When the requirement is to compare current data with data from the past, it seems to be obvious that we need SCD-2 to preserve the correct dimension structures from the past. But is this really true? Well, actually it depends on what you need the analysis for. For example, take a look at the following chart, showing sales of a specific product group.


First thing to note is that this chart breaks a lot of information design rules. In this chart confusion is intensified with a faked continuity by using a line chart (shame on me). The line chart here obfuscates the real situation by showing a continuous descent in September while actually the value is falling instantly here. Now, what can you say when looking at this line chart?

  • The product group performed ok between January and September
  • September was a great month
  • Between September and October a catastrophe must have happened. Maybe a competitor launched better and cheaper products or there were reasons to cause a bad publicity

And how would an end user react, if you say that all this is not true? The descent in October is nothing but a SCD-2 change (a what?) as one major product was moved to a different product group. In fact nothing happened, not a catastrophe, no competitor being better, just a change in the master data. This is a typical situation with SCD-2 changes over time: Results are not self-explaining and may cause jerky leaps when data is plotted over time.

If the product hierarchy was maintained as SCD-1, maybe the chart would look like the green line below:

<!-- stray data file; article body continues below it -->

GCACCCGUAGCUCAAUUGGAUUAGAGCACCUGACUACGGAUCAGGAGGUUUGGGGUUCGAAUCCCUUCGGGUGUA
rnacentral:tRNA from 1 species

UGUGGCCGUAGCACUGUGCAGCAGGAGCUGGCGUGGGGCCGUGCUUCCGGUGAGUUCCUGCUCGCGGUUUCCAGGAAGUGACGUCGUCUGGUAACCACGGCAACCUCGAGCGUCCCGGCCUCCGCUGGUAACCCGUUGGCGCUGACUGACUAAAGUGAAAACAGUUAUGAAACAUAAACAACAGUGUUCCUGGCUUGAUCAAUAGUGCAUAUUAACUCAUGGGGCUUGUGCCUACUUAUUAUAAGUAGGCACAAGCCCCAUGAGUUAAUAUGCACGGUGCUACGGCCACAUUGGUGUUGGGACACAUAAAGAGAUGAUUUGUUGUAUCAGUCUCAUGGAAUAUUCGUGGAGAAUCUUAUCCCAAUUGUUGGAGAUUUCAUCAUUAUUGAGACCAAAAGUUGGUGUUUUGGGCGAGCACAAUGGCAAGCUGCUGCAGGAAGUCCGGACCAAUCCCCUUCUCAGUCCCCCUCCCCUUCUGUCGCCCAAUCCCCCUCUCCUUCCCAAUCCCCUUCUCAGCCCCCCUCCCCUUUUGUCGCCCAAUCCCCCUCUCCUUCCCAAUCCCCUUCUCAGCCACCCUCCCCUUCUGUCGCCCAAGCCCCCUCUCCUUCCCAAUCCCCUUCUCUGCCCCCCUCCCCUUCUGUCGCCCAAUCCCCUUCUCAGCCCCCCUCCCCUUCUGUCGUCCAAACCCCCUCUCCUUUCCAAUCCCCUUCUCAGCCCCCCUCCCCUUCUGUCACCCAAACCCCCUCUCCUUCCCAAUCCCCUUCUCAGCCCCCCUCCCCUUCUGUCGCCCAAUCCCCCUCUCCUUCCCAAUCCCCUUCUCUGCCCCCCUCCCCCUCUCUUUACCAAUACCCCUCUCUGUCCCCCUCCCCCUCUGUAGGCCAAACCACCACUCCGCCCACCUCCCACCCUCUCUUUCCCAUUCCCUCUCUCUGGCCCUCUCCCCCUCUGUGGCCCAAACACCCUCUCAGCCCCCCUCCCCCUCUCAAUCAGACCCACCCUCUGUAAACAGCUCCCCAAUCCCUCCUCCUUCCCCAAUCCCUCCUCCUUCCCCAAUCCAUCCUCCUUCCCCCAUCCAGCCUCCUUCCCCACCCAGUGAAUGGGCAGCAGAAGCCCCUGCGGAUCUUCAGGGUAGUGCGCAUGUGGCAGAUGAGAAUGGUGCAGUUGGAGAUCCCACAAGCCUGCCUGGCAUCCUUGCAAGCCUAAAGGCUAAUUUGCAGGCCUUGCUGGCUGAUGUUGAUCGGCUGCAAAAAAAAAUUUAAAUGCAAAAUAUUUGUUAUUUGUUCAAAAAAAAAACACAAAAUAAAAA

I think you can clearly see the advantage. The green line (SCD-1) is free of SCD-2 leaps, so it’s much easier to understand for the end-users. The interpretation is more like:

  • We had some problems between January and October
  • but we managed a turn-around in November and December

So, whenever you like to see trends, derive insight for future development or find outliers, the SCD-1 view is much easier to understand without additional explanation about master data changes.


3. Mixture of different concepts (type 1, type 2 …)

Maybe we don’t want all attributes to be type 2. The requirement could be that some hierarchies are on type 2 while others are on type 1. Again, think about the end users. Mixing both concepts may be very confusing. In some aspects you may be able to compare with printed reports from the past, in some aspects data is shown differently. However, making all attributes type 2 is also a problem (see ‘corrections’ above). One option might be to use perspectives: One perspective for the current type-1 view, one for the past type-2 view. However, another option would be to question if you really need the type-2 view, especially in a mixed form.


4. Justification or reproduction of results from the past

The requirement for keeping dimensional data in its historical form (past view, type-2) often results from the need for justification. If we want to be able to reproduce results in the same way as they were at some point of time in the past, we need to keep track of changes. Maybe someone asks you why you haven’t already seen the sales problems from our example from above (green line) in April. With the SCD-2 type of the chart (blue line from above), you could prove that the chart for April was still fine, so obviously you’re not responsible for the mess (this doesn’t solve the problem, but maybe a good justification). Other reasons to reproduce a report with exactly the same values from the past, are compliance reasons (SOX, BASEL II etc.). However, if you build your BI solution to justify yourself, keep in mind:

  • Keeping historical values for the dimensions is not sufficient in most cases
  • Fact data may have been corrected or may not have been available at the time the report was generated in the past